In 1985 Calvin Duncan was wrongfully convicted of murder and sentenced to life without any possibility of parole. While in prison at the Louisiana State Penitentiary at Angola Calvin served as inmate counsel handling the cases of hundreds of fellow inmates, including helping to secure a new trial for celebrated prison journalist Wilbert Rideau. Calvin also initiated the litigation that culminated in the 2012 victory in the U.S. Supreme Court in Juan Smith v. Burl Cain, which vacated Juan Smith’s death sentence. After nearly 30 years in prison Calvin won his freedom, and has since served as paralegal at the Louisiana Capital Appeals Project and Education Coordinator for the Louisiana Coalition for Alternatives to the Death Penalty. In 2012 Calvin was awarded a Soros Justice Fellowship to vindicate the post-conviction rights of incarcerated people by increasing their access to the courts, and by raising awareness around the inequities in the post-conviction process. In 2014 Calvin co-founded The First 72+ a transitional home and reentry program started by and for people returning home from prison. In 2015 Calvin was awarded a prestigious Echoing Green Fellowship to launch RisingFoundations.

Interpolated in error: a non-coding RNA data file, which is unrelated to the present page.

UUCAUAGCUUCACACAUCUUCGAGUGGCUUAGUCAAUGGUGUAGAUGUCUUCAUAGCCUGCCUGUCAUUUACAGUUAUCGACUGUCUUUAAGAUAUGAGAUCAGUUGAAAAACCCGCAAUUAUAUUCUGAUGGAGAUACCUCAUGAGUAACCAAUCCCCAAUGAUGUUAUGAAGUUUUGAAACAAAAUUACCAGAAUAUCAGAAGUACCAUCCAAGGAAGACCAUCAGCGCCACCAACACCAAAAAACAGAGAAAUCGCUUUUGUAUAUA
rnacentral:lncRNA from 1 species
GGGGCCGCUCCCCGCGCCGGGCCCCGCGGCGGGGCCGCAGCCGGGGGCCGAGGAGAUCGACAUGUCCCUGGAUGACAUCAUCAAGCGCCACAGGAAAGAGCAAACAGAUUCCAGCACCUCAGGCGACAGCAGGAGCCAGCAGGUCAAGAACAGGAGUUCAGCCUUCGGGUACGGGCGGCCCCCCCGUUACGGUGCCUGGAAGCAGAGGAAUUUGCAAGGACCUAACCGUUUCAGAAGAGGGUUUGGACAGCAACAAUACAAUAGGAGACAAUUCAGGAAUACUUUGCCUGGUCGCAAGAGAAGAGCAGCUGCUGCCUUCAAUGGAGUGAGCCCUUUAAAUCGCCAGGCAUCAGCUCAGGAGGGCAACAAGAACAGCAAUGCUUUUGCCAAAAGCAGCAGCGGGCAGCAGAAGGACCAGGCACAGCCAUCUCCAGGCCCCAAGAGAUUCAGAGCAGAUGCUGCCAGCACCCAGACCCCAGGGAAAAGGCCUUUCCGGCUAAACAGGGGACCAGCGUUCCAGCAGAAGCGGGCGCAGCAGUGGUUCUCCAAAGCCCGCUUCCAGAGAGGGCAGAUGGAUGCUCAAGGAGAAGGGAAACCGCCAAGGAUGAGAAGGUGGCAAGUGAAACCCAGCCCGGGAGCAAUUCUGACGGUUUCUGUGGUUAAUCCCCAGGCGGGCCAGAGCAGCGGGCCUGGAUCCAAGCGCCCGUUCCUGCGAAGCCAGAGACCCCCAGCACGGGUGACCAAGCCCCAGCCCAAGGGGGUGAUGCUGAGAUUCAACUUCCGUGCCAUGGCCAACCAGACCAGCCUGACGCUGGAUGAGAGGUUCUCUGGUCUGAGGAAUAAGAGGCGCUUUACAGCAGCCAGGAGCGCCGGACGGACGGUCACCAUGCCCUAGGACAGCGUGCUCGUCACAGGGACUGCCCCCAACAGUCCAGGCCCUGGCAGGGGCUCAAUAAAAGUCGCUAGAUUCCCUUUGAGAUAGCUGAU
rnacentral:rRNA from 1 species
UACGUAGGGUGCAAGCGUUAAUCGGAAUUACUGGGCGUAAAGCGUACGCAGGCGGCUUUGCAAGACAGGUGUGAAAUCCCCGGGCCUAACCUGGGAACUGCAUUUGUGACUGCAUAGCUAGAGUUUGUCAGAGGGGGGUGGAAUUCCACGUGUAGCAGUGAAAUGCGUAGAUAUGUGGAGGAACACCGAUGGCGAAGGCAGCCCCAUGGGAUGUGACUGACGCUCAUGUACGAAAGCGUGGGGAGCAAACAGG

Derrick Perique is a lifelong resident of New Orleans' Gentilly neighborhood. By the age of 28 he had five felony convictions for distribution of narcotics and illegal possession of a firearm. After his last arrest in 2011, facing several decades in prison, Derrick was fortunate to instead be sentenced in the "Orleans Parish Reentry Workforce Development Program" by Judge Laurie White. While Derrick was incarcerated at the Louisiana State Penitentiary at Angola he learned how to be an optician, ultimately earning over 30 certifications in the trade. While he was making eye glasses for his fellow prisoners he learned the industry, created a business model, and wrote a business plan. As Derrick puts it, "I had a vision, about vision, while in prison!" Upon release from prison in 2013 he moved to Maryland where he got a job with Pearl Vision. At Pearl Vision he was able to save some money, learn more about the business, and ultimately launch his own home based business, "Custom Optical." In February of 2016 he moved his business back to New Orleans and opened up his first retail location a few blocks from the house he group up in. His first hire was someone recently released from prison. In May of 2016 Derrick joined RisingFoundations to coordinate our small business incubator, assisting some of the same men he was incarcerated with in starting their own business.